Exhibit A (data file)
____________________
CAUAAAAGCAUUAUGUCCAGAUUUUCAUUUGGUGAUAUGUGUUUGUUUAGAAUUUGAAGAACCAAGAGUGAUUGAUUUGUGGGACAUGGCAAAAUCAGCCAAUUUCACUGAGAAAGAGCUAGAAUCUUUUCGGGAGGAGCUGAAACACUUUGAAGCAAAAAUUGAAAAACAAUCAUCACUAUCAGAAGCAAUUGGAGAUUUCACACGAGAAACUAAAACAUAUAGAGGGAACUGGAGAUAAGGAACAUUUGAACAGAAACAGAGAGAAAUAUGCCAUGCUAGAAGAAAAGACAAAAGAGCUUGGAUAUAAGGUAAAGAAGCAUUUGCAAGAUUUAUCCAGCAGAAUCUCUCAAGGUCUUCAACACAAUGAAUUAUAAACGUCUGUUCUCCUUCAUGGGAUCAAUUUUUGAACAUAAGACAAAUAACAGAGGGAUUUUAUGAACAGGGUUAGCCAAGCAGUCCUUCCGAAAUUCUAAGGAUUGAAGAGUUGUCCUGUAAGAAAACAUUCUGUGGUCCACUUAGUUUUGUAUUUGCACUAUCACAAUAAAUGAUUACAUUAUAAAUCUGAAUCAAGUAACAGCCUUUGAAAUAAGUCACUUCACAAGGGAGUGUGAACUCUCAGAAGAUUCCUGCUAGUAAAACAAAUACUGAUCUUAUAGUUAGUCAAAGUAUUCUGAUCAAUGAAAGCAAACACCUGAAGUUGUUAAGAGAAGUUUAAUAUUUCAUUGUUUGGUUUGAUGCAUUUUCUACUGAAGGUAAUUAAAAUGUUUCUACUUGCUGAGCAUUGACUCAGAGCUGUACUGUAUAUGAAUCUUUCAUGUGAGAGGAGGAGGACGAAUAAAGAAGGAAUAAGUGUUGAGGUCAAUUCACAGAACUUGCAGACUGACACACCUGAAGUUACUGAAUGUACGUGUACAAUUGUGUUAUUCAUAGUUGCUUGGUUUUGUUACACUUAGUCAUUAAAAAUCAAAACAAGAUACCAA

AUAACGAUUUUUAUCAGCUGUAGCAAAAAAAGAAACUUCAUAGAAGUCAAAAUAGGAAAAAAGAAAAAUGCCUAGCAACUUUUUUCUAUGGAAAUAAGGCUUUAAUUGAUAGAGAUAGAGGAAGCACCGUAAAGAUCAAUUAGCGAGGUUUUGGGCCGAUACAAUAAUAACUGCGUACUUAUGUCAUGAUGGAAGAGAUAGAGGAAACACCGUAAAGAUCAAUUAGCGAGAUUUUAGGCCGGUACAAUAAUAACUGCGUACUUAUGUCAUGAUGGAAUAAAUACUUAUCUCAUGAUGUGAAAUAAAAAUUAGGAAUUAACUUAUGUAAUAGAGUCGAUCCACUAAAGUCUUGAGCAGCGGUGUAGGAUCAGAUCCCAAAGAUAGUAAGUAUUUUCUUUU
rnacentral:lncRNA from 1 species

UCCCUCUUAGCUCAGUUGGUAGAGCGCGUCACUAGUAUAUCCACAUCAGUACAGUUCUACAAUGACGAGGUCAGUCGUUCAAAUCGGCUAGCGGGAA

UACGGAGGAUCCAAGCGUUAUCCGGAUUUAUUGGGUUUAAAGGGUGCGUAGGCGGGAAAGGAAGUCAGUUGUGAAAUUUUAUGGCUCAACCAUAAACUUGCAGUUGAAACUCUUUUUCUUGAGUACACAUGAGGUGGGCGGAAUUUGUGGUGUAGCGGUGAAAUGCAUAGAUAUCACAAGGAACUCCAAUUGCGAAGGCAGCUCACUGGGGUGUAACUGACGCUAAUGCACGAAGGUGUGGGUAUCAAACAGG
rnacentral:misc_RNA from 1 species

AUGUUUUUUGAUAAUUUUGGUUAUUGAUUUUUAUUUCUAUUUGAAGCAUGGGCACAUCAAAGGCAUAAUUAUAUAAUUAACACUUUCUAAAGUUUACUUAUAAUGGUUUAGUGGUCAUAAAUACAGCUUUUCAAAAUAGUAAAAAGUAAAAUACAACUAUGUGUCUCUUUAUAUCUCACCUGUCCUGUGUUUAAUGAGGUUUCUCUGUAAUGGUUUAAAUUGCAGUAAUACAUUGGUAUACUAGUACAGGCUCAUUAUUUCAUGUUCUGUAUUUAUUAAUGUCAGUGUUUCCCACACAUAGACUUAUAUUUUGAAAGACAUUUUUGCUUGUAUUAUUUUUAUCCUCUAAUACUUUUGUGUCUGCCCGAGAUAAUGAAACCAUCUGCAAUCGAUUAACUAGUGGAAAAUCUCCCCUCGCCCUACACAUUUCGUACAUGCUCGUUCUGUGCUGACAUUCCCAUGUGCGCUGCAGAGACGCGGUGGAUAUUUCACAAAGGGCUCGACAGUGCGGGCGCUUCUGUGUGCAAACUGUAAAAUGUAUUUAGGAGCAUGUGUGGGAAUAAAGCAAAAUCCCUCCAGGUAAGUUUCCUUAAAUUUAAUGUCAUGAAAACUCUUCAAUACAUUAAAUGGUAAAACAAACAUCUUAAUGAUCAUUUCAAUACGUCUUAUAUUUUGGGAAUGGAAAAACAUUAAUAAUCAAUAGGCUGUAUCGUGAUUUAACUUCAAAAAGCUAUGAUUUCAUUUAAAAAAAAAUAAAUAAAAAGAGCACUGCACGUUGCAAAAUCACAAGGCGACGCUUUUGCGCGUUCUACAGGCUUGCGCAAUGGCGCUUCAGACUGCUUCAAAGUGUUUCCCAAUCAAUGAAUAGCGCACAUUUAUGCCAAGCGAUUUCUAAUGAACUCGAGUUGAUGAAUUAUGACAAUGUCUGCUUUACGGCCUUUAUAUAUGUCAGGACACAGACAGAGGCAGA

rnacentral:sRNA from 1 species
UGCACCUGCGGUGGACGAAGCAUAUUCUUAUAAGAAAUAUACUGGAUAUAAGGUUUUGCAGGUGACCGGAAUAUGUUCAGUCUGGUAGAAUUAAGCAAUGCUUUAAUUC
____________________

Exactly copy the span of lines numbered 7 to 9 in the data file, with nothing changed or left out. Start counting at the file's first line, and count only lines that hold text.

AUGUUUUUUGAUAAUUUUGGUUAUUGAUUUUUAUUUCUAUUUGAAGCAUGGGCACAUCAAAGGCAUAAUUAUAUAAUUAACACUUUCUAAAGUUUACUUAUAAUGGUUUAGUGGUCAUAAAUACAGCUUUUCAAAAUAGUAAAAAGUAAAAUACAACUAUGUGUCUCUUUAUAUCUCACCUGUCCUGUGUUUAAUGAGGUUUCUCUGUAAUGGUUUAAAUUGCAGUAAUACAUUGGUAUACUAGUACAGGCUCAUUAUUUCAUGUUCUGUAUUUAUUAAUGUCAGUGUUUCCCACACAUAGACUUAUAUUUUGAAAGACAUUUUUGCUUGUAUUAUUUUUAUCCUCUAAUACUUUUGUGUCUGCCCGAGAUAAUGAAACCAUCUGCAAUCGAUUAACUAGUGGAAAAUCUCCCCUCGCCCUACACAUUUCGUACAUGCUCGUUCUGUGCUGACAUUCCCAUGUGCGCUGCAGAGACGCGGUGGAUAUUUCACAAAGGGCUCGACAGUGCGGGCGCUUCUGUGUGCAAACUGUAAAAUGUAUUUAGGAGCAUGUGUGGGAAUAAAGCAAAAUCCCUCCAGGUAAGUUUCCUUAAAUUUAAUGUCAUGAAAACUCUUCAAUACAUUAAAUGGUAAAACAAACAUCUUAAUGAUCAUUUCAAUACGUCUUAUAUUUUGGGAAUGGAAAAACAUUAAUAAUCAAUAGGCUGUAUCGUGAUUUAACUUCAAAAAGCUAUGAUUUCAUUUAAAAAAAAAUAAAUAAAAAGAGCACUGCACGUUGCAAAAUCACAAGGCGACGCUUUUGCGCGUUCUACAGGCUUGCGCAAUGGCGCUUCAGACUGCUUCAAAGUGUUUCCCAAUCAAUGAAUAGCGCACAUUUAUGCCAAGCGAUUUCUAAUGAACUCGAGUUGAUGAAUUAUGACAAUGUCUGCUUUACGGCCUUUAUAUAUGUCAGGACACAGACAGAGGCAGA

rnacentral:sRNA from 1 species
UGCACCUGCGGUGGACGAAGCAUAUUCUUAUAAGAAAUAUACUGGAUAUAAGGUUUUGCAGGUGACCGGAAUAUGUUCAGUCUGGUAGAAUUAAGCAAUGCUUUAAUUC